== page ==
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Nearly one in 10 young people are experiencing both persistent physical pain and suicidal feelings, according to a new paper from researchers from the University of Oxford, Cambridge, Oslo (Norway), King’s College London, and the Parc Sanitari Sant Joan de Deu (Spain).

Young woman sat down by the waterside © Shutterstock

Researchers say more awareness is needed across a range of health, social care, and school-based services in how to recognise suicidal risk, especially for those who also have physical pain and are more likely to come into contact with professionals.

The data came from more than 8,000 adolescents between the ages of 11 and 15 years across the UK who took part in the My Resilience in Adolescence (MYRIAD) trial. It showed that:

  • Nine per cent of adolescents reported experiencing both persistent pain (persistent or recurrent pain in the past six months) and suicidality (ranging from thoughts about suicide and self-harm to the enactment of these thoughts).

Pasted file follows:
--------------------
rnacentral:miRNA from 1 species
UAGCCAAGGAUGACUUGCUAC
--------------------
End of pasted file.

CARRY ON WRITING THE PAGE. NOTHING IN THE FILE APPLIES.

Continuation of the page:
• They were also shown to be at a higher risk of depression, anxiety, problems with their peers and more frequent use of prescription medication.
    Nearly three quarters of the group experiencing both pain and suicidality were girls (72.9 per cent).
  • 20 per cent (one in five) of adolescents in the study reported suicidality and 22 per cent reported persistent or recurrent pain.

Read the full story on the Department of Psychiatry website

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